Otheraspects of the hiringprocess offerperhapsmorepersuasiveevi-dence againstthe public-interestmodel. As the patronagemodel wouldpredict, paid New York firemenwere requiredto be city residents-acriterionseeminglyunrelatedto one's fire-fighting bilitybut importantfor voting purposes.82 n New York, the positionof Fire Commissionerwas explicitly designated a patronage appointment.83Chicago's newmunicipaldepartment"wasexploitedby politicians,beinglookeduponaspart of the spoils system," as even the paid firemen themselves ad-mitted.84Further, even the most violent firemenalso got governmentjobs. As new chief of Cincinnati'spaiddepartment, hecity "chose one ofthe mightiestbrawlersof the volunteersystem."85

    78 The editorial is cited in James Boyd Jones, Jr., The Memphis Firefighter Strikes, 1858and 1860, at 53 (East Tenn. Hist. Soc. Pub. 1977).79 Kiefer, supra note 32, at 105.80soSheldon, supra note 15, at 463.81 For example, James Boyd Jones, Jr., Mose the Bowery B'hoy and the NashvilleVolunteer Fire Department, 1849-60, 40 Tenn. Hist. Q. 170, 181(1981); Jenness, supra note19, at 86 (Philadelphia); Lampe, supra note 25, at 255 (St. Louis).82 Kenlon, supra note 32, at 250.83 Id. at 259.84 Benevolent Ass'n of the Paid Fire Dep't of Chicago, supra note 5, at 59.85 Holzman, supra note 6, at 69.

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    VOLUNTEER FIRE FIGHTING 89The public-interestexplanationof municipalization mphasizesthat itoccurredover strong oppositionfrom the volunteers. But the facts appearotherwise.Acquiescence, notobstruction,was the rule incity aftercity.86The volunteers'acquiescenceis all the moreremarkable, iventhat somewould certainlyhave preferrednot to lose their full-timeprofessionsinorder to remain firemen. But here too, the hiringpatterns reflect thedemandsof the grandfathered olunteers.Despiteclaimsthatmunicipali-zation was needed to ensure a professional,full-timeforce, cities oftenbegan by payingfiremenpart-time or work that earlierwas volunteeredand allowed them to keep theirfull-timeprofessions. For example, Cin-cinnati hired firemenonly part-time rom 1853 to 1873.87Firemencon-tinued their full-timejobs but received an annualsalaryto provide ser-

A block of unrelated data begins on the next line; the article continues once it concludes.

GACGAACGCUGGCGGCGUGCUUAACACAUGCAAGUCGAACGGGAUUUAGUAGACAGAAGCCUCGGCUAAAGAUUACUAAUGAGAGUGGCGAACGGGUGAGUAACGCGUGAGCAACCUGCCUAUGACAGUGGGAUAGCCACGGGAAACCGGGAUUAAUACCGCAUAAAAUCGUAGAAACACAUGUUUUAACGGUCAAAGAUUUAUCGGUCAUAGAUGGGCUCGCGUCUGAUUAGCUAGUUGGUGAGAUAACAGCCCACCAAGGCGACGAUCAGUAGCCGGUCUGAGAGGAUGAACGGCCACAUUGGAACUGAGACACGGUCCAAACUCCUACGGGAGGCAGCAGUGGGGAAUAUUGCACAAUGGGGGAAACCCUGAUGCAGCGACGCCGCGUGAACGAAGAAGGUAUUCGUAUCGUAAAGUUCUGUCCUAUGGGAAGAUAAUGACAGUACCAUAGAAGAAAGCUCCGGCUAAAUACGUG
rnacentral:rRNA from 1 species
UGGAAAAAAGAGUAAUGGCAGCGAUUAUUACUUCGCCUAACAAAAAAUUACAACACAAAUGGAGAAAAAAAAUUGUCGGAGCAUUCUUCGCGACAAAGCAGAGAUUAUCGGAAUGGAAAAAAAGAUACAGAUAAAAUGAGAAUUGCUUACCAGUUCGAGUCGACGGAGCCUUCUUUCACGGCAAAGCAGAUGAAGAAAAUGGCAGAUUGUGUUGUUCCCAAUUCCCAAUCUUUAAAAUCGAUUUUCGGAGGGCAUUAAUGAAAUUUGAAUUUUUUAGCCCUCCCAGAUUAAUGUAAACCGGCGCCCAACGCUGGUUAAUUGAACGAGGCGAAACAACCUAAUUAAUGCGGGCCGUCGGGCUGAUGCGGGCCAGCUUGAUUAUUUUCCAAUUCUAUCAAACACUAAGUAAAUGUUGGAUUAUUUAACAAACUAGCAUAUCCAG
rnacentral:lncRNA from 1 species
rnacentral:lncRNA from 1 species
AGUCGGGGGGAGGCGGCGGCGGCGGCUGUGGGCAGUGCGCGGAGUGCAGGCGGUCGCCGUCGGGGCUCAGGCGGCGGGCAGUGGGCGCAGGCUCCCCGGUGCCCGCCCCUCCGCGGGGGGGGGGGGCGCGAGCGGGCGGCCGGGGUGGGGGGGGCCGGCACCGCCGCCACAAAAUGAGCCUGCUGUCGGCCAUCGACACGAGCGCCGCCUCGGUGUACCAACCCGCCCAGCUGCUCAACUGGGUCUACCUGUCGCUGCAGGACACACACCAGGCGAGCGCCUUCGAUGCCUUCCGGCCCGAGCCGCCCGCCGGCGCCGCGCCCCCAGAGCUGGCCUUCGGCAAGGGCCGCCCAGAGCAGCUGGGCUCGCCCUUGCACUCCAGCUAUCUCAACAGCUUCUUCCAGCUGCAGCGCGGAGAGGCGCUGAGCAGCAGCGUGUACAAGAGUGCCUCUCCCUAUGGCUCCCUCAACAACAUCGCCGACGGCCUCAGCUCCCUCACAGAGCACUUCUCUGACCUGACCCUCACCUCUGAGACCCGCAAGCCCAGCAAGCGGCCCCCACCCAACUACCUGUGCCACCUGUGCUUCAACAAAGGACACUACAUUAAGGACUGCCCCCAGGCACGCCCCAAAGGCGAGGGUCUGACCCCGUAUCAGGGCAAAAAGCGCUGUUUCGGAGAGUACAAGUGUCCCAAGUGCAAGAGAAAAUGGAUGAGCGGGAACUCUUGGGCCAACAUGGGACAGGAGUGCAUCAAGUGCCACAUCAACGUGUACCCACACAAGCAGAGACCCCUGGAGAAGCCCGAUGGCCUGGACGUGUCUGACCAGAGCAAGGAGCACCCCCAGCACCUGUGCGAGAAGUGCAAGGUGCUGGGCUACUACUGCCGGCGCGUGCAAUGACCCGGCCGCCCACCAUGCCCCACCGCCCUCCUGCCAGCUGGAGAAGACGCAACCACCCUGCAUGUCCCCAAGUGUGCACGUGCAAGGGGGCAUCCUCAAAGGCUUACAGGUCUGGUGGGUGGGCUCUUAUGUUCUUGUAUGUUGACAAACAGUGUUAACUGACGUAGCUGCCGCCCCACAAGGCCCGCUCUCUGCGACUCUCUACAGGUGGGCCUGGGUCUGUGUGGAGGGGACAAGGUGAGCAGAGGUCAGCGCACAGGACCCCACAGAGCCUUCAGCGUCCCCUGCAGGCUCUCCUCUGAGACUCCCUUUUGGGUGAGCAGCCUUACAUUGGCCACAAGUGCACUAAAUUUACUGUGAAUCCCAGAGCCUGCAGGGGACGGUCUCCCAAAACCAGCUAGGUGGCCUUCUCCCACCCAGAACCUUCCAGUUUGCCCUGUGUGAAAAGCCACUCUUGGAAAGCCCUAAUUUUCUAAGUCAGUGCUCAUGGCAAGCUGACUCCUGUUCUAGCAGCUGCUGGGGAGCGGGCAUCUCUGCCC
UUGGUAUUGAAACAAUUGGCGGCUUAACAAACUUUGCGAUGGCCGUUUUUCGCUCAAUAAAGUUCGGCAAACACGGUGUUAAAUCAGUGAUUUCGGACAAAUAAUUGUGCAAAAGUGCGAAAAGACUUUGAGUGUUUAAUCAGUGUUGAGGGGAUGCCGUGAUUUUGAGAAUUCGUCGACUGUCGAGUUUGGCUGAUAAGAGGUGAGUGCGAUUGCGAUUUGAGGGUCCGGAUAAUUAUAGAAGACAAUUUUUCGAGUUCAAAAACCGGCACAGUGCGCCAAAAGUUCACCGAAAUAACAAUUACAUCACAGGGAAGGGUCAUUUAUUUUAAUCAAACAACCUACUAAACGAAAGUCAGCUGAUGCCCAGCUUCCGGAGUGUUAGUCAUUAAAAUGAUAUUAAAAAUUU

vices they previously suppliedas volunteersat zero price. Savannah's iredepartmentwent paid in 1875, but was not limited to full-time firemenuntil 1890.88Boston began by payingfiremenper fireextinguished,thenswitched to salariedpart-time abor before finallymovingto a full-timepaid system.89On two occasions, however, volunteers successfully resisted cities'attemptsto assert controlover firefighting.InCincinnatihe CityCouncilordered confiscationof the equipmentof one companyinvolved in theplaningmill brawl, effectively disbandingthe club. The volunteercom-pany successfully sued andhadthe City Council'sorder nvalidated.90In1836 New York City passed a resolutioninstallinga paid maintenancecrew in each company and setting a $500 salary for the assistant en-gineers, who were to supervisethe maintenancemen. The City Councilalso firedthe volunteers' chief engineer.The firemenreactedwith a gen-eral strike, then went to the polls andvoted out enoughof those backingthe resolution to secure its repeal.91In both the Cincinnatiand New York rebuffs to attempted politicalcontrol, volunteers defeated plans that did not include provision forsalaried firemen. The New York press of 1836noted that the assistantengineers"cheerfullyconcurred" n the resolutioncreating heirsalaries,